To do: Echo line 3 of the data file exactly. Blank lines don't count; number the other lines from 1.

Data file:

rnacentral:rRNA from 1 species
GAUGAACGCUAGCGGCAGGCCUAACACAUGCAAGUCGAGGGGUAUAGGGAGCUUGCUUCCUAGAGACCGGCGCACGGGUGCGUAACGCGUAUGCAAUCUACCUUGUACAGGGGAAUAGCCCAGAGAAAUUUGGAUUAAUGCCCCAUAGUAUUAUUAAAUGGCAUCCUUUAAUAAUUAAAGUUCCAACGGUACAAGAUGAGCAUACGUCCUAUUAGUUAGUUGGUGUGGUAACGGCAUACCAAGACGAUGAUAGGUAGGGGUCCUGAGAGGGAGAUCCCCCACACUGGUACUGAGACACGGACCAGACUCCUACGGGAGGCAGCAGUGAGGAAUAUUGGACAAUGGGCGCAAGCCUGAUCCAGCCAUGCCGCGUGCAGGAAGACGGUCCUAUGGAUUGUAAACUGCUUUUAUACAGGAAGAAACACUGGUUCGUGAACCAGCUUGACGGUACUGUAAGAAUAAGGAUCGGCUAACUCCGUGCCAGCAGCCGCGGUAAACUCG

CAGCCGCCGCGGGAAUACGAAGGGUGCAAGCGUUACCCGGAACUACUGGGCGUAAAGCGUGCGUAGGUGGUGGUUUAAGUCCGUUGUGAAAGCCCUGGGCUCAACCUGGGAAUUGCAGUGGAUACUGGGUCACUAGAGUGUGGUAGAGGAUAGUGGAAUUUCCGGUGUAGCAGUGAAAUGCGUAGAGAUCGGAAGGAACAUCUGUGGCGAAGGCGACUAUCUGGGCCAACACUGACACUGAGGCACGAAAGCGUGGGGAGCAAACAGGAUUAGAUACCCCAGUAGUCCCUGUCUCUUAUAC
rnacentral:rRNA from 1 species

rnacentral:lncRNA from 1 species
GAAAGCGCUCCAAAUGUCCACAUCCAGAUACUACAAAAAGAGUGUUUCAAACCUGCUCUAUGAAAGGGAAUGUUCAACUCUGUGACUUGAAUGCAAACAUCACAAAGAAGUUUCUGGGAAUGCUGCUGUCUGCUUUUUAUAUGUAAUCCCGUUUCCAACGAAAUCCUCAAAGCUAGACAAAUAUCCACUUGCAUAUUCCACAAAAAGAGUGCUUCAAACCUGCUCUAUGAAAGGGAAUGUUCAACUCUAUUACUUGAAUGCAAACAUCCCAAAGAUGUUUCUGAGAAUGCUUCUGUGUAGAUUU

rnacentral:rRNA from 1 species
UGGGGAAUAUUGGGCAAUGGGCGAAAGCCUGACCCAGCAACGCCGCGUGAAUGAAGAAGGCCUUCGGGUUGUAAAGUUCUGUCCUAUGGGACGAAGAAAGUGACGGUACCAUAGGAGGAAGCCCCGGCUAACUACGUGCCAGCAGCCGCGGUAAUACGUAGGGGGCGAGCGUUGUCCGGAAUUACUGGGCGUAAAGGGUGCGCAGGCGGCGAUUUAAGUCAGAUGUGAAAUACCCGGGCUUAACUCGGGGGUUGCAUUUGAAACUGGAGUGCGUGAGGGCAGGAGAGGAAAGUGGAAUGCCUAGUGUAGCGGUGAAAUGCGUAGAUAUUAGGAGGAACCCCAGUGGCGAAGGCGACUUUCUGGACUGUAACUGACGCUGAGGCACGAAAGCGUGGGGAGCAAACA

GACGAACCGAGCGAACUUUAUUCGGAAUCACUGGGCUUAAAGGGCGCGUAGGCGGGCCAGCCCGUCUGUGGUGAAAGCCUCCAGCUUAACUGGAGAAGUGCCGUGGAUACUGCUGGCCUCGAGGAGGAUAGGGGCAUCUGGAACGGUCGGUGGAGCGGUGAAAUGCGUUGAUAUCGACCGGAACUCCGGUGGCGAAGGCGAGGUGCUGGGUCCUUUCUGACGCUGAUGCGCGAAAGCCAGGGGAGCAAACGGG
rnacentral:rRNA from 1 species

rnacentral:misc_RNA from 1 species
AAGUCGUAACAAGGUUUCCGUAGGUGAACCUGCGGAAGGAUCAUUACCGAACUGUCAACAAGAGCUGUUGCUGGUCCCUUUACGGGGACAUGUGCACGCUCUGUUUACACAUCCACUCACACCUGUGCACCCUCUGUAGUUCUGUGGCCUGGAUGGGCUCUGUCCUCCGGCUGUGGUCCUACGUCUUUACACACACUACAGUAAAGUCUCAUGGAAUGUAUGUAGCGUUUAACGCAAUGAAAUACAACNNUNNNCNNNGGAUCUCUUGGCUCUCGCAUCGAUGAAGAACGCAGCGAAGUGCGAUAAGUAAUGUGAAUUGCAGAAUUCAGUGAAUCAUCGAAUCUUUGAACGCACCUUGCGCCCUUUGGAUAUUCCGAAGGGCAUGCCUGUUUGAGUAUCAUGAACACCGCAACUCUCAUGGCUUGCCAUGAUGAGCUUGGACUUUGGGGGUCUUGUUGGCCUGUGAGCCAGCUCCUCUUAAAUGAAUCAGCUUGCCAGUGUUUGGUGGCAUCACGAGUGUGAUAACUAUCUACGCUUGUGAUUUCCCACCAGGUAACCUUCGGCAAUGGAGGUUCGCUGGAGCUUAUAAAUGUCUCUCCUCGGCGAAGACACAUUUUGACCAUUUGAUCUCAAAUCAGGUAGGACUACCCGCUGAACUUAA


CAGCCGCCGCGGGAAUACGAAGGGUGCAAGCGUUACCCGGAACUACUGGGCGUAAAGCGUGCGUAGGUGGUGGUUUAAGUCCGUUGUGAAAGCCCUGGGCUCAACCUGGGAAUUGCAGUGGAUACUGGGUCACUAGAGUGUGGUAGAGGAUAGUGGAAUUUCCGGUGUAGCAGUGAAAUGCGUAGAGAUCGGAAGGAACAUCUGUGGCGAAGGCGACUAUCUGGGCCAACACUGACACUGAGGCACGAAAGCGUGGGGAGCAAACAGGAUUAGAUACCCCAGUAGUCCCUGUCUCUUAUAC